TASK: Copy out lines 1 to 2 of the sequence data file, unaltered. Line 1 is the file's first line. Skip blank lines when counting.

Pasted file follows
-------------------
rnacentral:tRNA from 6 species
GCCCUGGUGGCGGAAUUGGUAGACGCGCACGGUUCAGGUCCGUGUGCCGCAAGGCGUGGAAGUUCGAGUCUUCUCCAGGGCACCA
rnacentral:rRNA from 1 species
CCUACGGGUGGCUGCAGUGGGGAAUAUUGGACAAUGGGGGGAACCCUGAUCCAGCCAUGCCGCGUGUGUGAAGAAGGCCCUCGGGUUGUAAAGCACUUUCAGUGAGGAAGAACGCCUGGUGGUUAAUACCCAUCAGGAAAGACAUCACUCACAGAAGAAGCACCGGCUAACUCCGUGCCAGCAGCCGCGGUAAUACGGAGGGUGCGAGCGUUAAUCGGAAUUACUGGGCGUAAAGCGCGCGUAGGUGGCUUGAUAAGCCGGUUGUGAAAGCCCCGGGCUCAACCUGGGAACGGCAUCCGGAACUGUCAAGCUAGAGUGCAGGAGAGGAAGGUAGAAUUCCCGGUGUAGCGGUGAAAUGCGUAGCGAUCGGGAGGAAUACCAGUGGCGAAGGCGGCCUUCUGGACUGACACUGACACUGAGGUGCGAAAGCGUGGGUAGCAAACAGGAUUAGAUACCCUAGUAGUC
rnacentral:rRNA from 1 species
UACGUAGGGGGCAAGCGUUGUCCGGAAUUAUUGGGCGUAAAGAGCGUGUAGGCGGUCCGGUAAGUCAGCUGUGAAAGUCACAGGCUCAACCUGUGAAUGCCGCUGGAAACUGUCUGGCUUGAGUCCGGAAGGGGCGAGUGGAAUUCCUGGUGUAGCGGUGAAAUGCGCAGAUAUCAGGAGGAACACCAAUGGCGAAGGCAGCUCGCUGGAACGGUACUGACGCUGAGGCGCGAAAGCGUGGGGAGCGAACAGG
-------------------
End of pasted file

rnacentral:tRNA from 6 species
GCCCUGGUGGCGGAAUUGGUAGACGCGCACGGUUCAGGUCCGUGUGCCGCAAGGCGUGGAAGUUCGAGUCUUCUCCAGGGCACCA